When Recusal is the Right Thing

When Recusal is the Right Thing

In January, for the first time since becoming a councilman, I had to recuse myself from a vote at a town council meeting. It is Ethics 101, and it's the right thing to do.

There was an appeal of a Planning Board decision on a proposed development in the neighborhood that my family lives in. I don't have anything to do with the developer, of course, and I don't have any financial interest in the project.

However, when you are elected to a board like a town council or even a commissioner's seat, the first thing the state of North Carolina requires you to do is to attend a UNC School of Government course. At that course, which is held over parts of three days, you spend one full day just talking about ethics. You are presented with a number of different scenarios, but essentially the only time that you are excused from voting on an issue is if you might, yourself, be financially impacted (either positively or negatively) by your vote. If the development went in and later on my home value went up or down, one could conceivably argue that I had done something improper.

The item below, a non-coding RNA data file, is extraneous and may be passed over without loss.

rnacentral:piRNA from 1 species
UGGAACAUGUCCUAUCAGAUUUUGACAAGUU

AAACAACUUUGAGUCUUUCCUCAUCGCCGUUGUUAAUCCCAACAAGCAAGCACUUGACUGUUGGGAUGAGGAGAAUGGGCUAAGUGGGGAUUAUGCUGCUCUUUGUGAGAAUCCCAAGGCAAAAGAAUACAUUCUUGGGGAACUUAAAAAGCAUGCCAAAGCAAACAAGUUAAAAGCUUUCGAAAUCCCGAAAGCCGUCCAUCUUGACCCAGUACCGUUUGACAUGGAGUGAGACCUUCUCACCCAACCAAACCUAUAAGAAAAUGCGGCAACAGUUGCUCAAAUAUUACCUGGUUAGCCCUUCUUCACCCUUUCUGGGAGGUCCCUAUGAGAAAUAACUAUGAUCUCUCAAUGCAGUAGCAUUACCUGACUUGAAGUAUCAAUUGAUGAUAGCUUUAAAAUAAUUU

To be on the safe side, and to avoid any appearance of impropriety, I asked to be recused and left the room while the matter was being discussed. Ultimately, the other town council members upheld the Planning Board's decision and denied the appeal.


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